Haredi schoolgirls (illustration)
Haredi schoolgirls (illustration)Flash 90

NEW YORK (JTA) — Enrollment in New York State’s Jewish day schools and yeshivas increased by 4.4 percent last year.

According to data compiled by the Orthodox Jewish Public Affairs Council from statistics provided by the New York State Education Department, more than 143,000 students were enrolled in 405 K-12 Jewish schools in the state during the 2014-15 academic year.

Not surprisingly, enrollment and growth was highest in counties with the largest haredi Orthodox populations. Brooklyn enrolled 80,132 students, up from 78,759 the previous year. Other top-enrolling counties were Rockland (23,618), Orange (10,997), Queens (10,503) and Nassau (7,592), all of which experienced increases over the previous year.

Enrollment declined slightly in Manhattan, however, with 4,360 students enrolled, down from 4,408 the previous year. The greatest increase was in Rockland, where enrollment rose by 7.1 percent. Rockland County’s large haredi Orthodox population has spurred controversy in recent years, particularly in the East Ramapo Central School District, where the Orthodox-majority school board has cut the public school system’s budget dramatically. In addition, haredi schools in both Rockland and Brooklyn have been criticized in recent years for allegedly failing to meet state requirements for secular education.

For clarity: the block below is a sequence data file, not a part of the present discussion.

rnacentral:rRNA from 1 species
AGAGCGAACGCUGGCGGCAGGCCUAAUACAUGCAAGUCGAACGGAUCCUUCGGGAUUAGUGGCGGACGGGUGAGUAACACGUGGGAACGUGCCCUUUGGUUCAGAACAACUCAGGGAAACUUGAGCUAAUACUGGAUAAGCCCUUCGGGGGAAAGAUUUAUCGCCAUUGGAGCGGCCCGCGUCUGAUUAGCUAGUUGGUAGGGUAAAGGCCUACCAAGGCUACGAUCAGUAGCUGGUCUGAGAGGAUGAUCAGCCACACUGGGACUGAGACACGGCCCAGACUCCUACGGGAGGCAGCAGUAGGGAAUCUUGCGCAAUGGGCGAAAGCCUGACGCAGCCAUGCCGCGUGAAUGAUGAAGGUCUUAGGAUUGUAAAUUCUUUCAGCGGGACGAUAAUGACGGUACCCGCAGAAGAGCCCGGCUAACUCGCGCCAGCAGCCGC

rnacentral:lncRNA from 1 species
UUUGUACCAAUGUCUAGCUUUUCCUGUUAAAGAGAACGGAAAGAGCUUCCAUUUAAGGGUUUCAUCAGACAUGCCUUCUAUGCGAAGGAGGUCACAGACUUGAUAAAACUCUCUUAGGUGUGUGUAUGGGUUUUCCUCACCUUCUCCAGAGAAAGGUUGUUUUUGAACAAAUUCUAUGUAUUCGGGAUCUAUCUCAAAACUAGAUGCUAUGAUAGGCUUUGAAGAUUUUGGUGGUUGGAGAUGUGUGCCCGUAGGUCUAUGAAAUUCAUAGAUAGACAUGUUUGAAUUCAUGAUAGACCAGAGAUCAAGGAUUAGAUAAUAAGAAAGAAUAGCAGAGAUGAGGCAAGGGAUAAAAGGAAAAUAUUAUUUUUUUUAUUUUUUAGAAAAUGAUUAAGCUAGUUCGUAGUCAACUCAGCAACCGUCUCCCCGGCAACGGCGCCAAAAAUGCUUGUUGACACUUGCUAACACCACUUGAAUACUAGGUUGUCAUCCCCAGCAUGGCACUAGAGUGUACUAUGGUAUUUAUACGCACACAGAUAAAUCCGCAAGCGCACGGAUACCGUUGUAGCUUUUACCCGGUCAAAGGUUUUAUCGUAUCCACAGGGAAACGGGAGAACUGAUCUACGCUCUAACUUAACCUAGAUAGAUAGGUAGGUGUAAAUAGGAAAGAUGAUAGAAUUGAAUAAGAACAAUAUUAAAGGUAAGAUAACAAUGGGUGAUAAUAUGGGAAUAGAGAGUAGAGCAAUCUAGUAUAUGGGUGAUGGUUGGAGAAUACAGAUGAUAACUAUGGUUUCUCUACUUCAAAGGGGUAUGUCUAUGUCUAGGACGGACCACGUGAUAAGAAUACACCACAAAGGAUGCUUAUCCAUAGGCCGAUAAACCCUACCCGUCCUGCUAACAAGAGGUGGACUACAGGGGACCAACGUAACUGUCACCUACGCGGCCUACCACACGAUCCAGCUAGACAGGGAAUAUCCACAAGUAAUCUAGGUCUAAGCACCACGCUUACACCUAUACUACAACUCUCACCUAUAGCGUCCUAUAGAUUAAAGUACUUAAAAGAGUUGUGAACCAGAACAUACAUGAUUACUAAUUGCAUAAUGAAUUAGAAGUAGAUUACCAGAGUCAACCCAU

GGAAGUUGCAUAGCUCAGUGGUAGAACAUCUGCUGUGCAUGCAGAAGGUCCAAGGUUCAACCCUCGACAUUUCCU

Going back two years (2012-2013 vs. 2014-2015), the percentage rise in Jewish school enrollment was 7.9 percent statewide.

The growth in Jewish enrollment came despite an overall decline in nonpublic school enrollment in New York state.

According to a news release issued by Orthodox Jewish Public Affairs Council, the 143,156 students in Jewish schools receive, on average, “well below $1,500 in tax-funded services a year; compared to more than $19,500 per each public school student” saving taxpayers “at least $2.57 billion in education funding last year.”

The council claims that the private Jewish community “also directly funds the public school system,” due to property tax revenues from “properties owned by members of the Orthodox Jewish community.”